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[CFP] ECCB'05 Workshop on Biomedical Ontologies and Text Processing

Chris Wroe cwroe at
Fri Apr 15 06:57:21 PDT 2005

Apologies for those of you who get this more than once.


                  CALL FOR PAPERS

                ECCB'05 WORKSHOP ON

                28  September, 2005
                   Madrid, Spain

*********** Submission deadline 20 June, 2005 ******************

The workshop is part of the 4th European Conference on Computational
Biology (ECCB) (

Hosted by: Bioinformatics National Institute (INB)


Biomedical literature, bio-databases and bio-ontologies all play an
important role in supporting the work of biological researchers. Much
of the biological knowledge in our community is held in electronic
form as natural language text. However, not all experimental data is
appropriate to include in such research publications, and so is
instead stored in more structured bio-databases. Bio-ontologies
provide a common conceptual framework for structuring and annotating
this data to enable it to be pooled across databases. These three
resources contain overlapping information in different forms, and the
inter-dependencies between them are complex.

Text mining of biomedical literature is one way to ensure that the
large quantity of information in text is better reflected within
ontologies and databases. It can be used, for example, to add ontology
based annotation to bio-database entries. By exposing the vocabulary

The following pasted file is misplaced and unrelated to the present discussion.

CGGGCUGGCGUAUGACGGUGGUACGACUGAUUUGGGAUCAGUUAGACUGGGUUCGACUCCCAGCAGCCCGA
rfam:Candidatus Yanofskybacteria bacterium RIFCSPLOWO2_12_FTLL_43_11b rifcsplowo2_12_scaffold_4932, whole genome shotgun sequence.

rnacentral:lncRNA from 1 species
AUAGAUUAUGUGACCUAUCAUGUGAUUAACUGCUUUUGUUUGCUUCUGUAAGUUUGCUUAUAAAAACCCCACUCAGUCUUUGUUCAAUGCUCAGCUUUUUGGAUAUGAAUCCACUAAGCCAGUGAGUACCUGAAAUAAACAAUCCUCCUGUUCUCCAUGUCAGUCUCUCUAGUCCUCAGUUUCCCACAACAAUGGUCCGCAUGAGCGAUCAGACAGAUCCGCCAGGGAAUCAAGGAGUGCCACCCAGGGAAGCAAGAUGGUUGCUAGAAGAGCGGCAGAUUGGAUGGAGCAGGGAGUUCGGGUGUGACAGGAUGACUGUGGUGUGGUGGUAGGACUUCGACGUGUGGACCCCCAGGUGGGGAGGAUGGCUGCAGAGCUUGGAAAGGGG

and relationships within the literature, it can also assist in the
construction, refinement and validation of the ontologies themselves.
Even when used in isolation, the meaning of concepts within an
ontology must be interpreted by humans as well as computer systems.
Natural language, therefore, plays a vital role in ontology design.

Ontologies in turn can support text mining by for example: (i)
providing a framework for structuring terminologies and for clustering
synonyms; and (ii) defining the types of entities and relations that
text mining aims to discover during the process of analysing text.

Therefore text mining and ontologies have a lot in common and can be
mutually beneficial. However, bio-ontologies are frequently built
without explicitly taking into account the needs of the language
processing community. As a consequence language processing researchers
either ignore these valuable resources or are forced to adapt them
with difficulty. Furthermore, ontology builders are frequently
unaware of language processing tools, methodologies and applications
and how they might assist in the construction and evaluation of

The goal of this workshop is to bring together researchers from the
bio-ontology community with those from the biomedical text processing
community with a view to furthering their understanding each other's
needs and capabilities. Previous workshops in the area have tended
focus more either on bio-ontologies or on bio-text processing. While
some research has attempted to bridge this gap the aim of current
workshop is to focus explicitly on the relationship between
bio-ontologies and bio-text processing.

To that end we solicit papers that address any aspect of the
relationship between bio-ontologies and biomedical text processing.
Possible topics include, but are not limited to:

- Ontology-assisted information retrieval or extraction from biomedical text